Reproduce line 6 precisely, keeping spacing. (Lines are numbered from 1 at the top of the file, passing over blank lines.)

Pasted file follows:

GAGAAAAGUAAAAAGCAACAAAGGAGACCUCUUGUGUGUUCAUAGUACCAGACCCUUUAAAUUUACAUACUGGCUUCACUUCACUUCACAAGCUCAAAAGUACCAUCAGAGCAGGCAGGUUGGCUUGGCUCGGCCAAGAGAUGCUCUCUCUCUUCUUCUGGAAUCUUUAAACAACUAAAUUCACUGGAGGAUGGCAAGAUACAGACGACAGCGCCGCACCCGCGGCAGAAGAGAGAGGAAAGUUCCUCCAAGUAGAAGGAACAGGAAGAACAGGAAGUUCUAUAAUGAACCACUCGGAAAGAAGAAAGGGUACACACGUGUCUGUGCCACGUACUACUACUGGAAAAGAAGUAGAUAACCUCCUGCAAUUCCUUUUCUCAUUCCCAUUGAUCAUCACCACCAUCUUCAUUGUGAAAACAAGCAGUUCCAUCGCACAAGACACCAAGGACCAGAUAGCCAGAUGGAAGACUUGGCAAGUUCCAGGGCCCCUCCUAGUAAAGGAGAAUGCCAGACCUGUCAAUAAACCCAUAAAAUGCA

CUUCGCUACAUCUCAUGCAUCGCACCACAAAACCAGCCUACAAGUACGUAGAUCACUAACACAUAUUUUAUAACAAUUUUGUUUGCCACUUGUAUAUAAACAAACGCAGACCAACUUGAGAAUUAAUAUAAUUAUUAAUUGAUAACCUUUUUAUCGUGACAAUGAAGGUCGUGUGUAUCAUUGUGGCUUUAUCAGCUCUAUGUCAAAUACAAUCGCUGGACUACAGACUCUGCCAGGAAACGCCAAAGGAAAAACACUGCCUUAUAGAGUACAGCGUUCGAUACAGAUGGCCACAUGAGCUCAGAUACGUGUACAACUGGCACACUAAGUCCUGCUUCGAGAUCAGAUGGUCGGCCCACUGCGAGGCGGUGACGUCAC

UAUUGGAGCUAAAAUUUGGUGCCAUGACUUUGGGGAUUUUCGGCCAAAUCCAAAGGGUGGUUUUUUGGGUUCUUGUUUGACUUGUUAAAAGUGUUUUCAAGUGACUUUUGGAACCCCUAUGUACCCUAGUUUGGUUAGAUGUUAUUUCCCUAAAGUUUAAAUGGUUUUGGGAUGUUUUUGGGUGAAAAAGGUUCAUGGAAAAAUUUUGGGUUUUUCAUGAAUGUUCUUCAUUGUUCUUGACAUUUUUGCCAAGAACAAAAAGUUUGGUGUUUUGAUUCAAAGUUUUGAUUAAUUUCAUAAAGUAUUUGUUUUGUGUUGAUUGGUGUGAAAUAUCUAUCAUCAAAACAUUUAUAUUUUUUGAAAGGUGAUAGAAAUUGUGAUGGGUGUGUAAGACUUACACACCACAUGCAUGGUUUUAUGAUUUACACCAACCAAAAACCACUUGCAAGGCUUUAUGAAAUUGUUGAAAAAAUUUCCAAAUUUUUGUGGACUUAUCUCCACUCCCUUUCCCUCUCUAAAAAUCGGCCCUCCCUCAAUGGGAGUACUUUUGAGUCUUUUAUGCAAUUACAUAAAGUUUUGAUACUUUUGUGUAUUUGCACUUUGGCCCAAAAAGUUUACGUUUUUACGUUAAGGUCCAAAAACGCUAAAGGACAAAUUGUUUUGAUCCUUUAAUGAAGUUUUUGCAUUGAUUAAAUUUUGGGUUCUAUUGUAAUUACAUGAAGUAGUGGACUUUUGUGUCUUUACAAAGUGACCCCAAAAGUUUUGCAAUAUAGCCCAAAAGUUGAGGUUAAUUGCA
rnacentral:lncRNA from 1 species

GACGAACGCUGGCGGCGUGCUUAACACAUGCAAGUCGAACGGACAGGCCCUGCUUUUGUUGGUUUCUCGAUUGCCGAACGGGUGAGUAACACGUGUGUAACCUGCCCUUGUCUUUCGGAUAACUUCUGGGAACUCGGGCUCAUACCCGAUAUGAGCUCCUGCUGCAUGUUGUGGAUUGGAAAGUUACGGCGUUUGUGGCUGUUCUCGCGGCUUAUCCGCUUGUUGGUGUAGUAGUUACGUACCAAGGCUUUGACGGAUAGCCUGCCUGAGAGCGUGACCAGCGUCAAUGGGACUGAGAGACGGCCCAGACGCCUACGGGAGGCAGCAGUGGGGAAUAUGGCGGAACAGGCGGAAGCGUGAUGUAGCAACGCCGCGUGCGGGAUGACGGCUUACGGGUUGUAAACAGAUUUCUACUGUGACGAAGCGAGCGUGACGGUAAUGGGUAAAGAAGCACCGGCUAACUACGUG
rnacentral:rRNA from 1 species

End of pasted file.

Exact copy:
rnacentral:rRNA from 1 species